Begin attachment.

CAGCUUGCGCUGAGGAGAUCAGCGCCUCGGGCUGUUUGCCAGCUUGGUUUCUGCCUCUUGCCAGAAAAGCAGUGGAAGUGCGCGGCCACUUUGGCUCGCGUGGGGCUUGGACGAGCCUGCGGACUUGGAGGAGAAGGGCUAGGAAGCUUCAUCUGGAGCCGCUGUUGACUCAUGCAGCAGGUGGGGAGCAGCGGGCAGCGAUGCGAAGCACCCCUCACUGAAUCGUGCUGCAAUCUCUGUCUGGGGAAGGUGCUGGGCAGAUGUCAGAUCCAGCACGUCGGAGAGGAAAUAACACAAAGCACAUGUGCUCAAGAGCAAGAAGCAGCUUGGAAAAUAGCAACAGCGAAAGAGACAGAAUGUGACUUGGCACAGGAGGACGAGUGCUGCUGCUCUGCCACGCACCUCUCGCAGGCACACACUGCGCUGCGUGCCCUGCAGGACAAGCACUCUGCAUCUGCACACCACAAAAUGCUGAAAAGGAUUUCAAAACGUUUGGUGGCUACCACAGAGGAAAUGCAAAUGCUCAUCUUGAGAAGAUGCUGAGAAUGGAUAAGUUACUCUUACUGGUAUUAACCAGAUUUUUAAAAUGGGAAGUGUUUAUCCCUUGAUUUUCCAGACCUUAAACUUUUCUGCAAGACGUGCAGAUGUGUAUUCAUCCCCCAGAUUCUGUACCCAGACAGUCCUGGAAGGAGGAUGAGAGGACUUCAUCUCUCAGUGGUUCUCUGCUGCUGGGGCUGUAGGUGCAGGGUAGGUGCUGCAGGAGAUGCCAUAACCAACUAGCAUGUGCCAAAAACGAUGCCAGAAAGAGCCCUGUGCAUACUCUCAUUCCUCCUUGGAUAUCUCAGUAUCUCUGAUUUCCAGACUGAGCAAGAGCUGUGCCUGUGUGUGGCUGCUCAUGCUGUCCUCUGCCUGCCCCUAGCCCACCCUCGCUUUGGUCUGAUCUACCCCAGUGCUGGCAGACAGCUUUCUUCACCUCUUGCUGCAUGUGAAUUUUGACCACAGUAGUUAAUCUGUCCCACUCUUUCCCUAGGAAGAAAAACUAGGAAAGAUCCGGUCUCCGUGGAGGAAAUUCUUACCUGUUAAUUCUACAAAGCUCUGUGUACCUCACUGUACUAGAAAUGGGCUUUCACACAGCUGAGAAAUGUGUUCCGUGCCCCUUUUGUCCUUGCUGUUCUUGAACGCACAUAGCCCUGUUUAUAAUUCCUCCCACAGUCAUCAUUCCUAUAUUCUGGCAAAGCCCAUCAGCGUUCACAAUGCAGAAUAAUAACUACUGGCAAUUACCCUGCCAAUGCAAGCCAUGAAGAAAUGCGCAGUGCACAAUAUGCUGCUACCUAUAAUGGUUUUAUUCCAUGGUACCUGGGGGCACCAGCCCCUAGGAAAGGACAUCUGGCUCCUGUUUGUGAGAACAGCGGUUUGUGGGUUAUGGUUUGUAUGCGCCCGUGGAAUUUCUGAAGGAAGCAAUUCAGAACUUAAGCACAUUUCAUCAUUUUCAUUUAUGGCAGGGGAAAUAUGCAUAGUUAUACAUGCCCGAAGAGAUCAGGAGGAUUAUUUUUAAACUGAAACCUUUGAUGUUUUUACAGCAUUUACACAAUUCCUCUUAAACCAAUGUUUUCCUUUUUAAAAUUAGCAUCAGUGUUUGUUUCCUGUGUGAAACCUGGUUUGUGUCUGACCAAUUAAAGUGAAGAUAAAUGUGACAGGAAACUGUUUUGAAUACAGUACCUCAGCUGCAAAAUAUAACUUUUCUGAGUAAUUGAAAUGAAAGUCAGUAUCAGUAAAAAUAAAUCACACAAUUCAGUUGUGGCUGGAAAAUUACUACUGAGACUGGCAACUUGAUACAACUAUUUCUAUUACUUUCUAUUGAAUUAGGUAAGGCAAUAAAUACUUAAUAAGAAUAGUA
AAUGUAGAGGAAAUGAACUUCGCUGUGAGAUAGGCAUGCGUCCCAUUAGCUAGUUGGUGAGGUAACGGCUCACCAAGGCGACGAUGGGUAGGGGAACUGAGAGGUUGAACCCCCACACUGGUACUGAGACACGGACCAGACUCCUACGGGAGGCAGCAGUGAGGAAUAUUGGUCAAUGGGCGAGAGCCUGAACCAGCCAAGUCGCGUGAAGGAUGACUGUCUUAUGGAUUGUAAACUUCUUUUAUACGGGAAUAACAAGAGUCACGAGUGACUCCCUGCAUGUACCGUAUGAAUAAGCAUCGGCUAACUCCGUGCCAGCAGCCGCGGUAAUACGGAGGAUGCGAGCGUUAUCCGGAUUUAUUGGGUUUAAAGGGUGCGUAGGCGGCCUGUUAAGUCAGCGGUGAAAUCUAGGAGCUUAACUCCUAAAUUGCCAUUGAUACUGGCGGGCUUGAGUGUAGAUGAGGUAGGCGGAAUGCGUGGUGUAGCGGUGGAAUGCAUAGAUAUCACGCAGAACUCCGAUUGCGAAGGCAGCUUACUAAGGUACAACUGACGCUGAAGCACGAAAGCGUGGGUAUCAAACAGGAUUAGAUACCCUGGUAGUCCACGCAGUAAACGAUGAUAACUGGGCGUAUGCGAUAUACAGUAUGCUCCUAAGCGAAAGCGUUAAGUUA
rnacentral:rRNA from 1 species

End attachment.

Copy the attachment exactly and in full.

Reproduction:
CAGCUUGCGCUGAGGAGAUCAGCGCCUCGGGCUGUUUGCCAGCUUGGUUUCUGCCUCUUGCCAGAAAAGCAGUGGAAGUGCGCGGCCACUUUGGCUCGCGUGGGGCUUGGACGAGCCUGCGGACUUGGAGGAGAAGGGCUAGGAAGCUUCAUCUGGAGCCGCUGUUGACUCAUGCAGCAGGUGGGGAGCAGCGGGCAGCGAUGCGAAGCACCCCUCACUGAAUCGUGCUGCAAUCUCUGUCUGGGGAAGGUGCUGGGCAGAUGUCAGAUCCAGCACGUCGGAGAGGAAAUAACACAAAGCACAUGUGCUCAAGAGCAAGAAGCAGCUUGGAAAAUAGCAACAGCGAAAGAGACAGAAUGUGACUUGGCACAGGAGGACGAGUGCUGCUGCUCUGCCACGCACCUCUCGCAGGCACACACUGCGCUGCGUGCCCUGCAGGACAAGCACUCUGCAUCUGCACACCACAAAAUGCUGAAAAGGAUUUCAAAACGUUUGGUGGCUACCACAGAGGAAAUGCAAAUGCUCAUCUUGAGAAGAUGCUGAGAAUGGAUAAGUUACUCUUACUGGUAUUAACCAGAUUUUUAAAAUGGGAAGUGUUUAUCCCUUGAUUUUCCAGACCUUAAACUUUUCUGCAAGACGUGCAGAUGUGUAUUCAUCCCCCAGAUUCUGUACCCAGACAGUCCUGGAAGGAGGAUGAGAGGACUUCAUCUCUCAGUGGUUCUCUGCUGCUGGGGCUGUAGGUGCAGGGUAGGUGCUGCAGGAGAUGCCAUAACCAACUAGCAUGUGCCAAAAACGAUGCCAGAAAGAGCCCUGUGCAUACUCUCAUUCCUCCUUGGAUAUCUCAGUAUCUCUGAUUUCCAGACUGAGCAAGAGCUGUGCCUGUGUGUGGCUGCUCAUGCUGUCCUCUGCCUGCCCCUAGCCCACCCUCGCUUUGGUCUGAUCUACCCCAGUGCUGGCAGACAGCUUUCUUCACCUCUUGCUGCAUGUGAAUUUUGACCACAGUAGUUAAUCUGUCCCACUCUUUCCCUAGGAAGAAAAACUAGGAAAGAUCCGGUCUCCGUGGAGGAAAUUCUUACCUGUUAAUUCUACAAAGCUCUGUGUACCUCACUGUACUAGAAAUGGGCUUUCACACAGCUGAGAAAUGUGUUCCGUGCCCCUUUUGUCCUUGCUGUUCUUGAACGCACAUAGCCCUGUUUAUAAUUCCUCCCACAGUCAUCAUUCCUAUAUUCUGGCAAAGCCCAUCAGCGUUCACAAUGCAGAAUAAUAACUACUGGCAAUUACCCUGCCAAUGCAAGCCAUGAAGAAAUGCGCAGUGCACAAUAUGCUGCUACCUAUAAUGGUUUUAUUCCAUGGUACCUGGGGGCACCAGCCCCUAGGAAAGGACAUCUGGCUCCUGUUUGUGAGAACAGCGGUUUGUGGGUUAUGGUUUGUAUGCGCCCGUGGAAUUUCUGAAGGAAGCAAUUCAGAACUUAAGCACAUUUCAUCAUUUUCAUUUAUGGCAGGGGAAAUAUGCAUAGUUAUACAUGCCCGAAGAGAUCAGGAGGAUUAUUUUUAAACUGAAACCUUUGAUGUUUUUACAGCAUUUACACAAUUCCUCUUAAACCAAUGUUUUCCUUUUUAAAAUUAGCAUCAGUGUUUGUUUCCUGUGUGAAACCUGGUUUGUGUCUGACCAAUUAAAGUGAAGAUAAAUGUGACAGGAAACUGUUUUGAAUACAGUACCUCAGCUGCAAAAUAUAACUUUUCUGAGUAAUUGAAAUGAAAGUCAGUAUCAGUAAAAAUAAAUCACACAAUUCAGUUGUGGCUGGAAAAUUACUACUGAGACUGGCAACUUGAUACAACUAUUUCUAUUACUUUCUAUUGAAUUAGGUAAGGCAAUAAAUACUUAAUAAGAAUAGUA
AAUGUAGAGGAAAUGAACUUCGCUGUGAGAUAGGCAUGCGUCCCAUUAGCUAGUUGGUGAGGUAACGGCUCACCAAGGCGACGAUGGGUAGGGGAACUGAGAGGUUGAACCCCCACACUGGUACUGAGACACGGACCAGACUCCUACGGGAGGCAGCAGUGAGGAAUAUUGGUCAAUGGGCGAGAGCCUGAACCAGCCAAGUCGCGUGAAGGAUGACUGUCUUAUGGAUUGUAAACUUCUUUUAUACGGGAAUAACAAGAGUCACGAGUGACUCCCUGCAUGUACCGUAUGAAUAAGCAUCGGCUAACUCCGUGCCAGCAGCCGCGGUAAUACGGAGGAUGCGAGCGUUAUCCGGAUUUAUUGGGUUUAAAGGGUGCGUAGGCGGCCUGUUAAGUCAGCGGUGAAAUCUAGGAGCUUAACUCCUAAAUUGCCAUUGAUACUGGCGGGCUUGAGUGUAGAUGAGGUAGGCGGAAUGCGUGGUGUAGCGGUGGAAUGCAUAGAUAUCACGCAGAACUCCGAUUGCGAAGGCAGCUUACUAAGGUACAACUGACGCUGAAGCACGAAAGCGUGGGUAUCAAACAGGAUUAGAUACCCUGGUAGUCCACGCAGUAAACGAUGAUAACUGGGCGUAUGCGAUAUACAGUAUGCUCCUAAGCGAAAGCGUUAAGUUA
rnacentral:rRNA from 1 species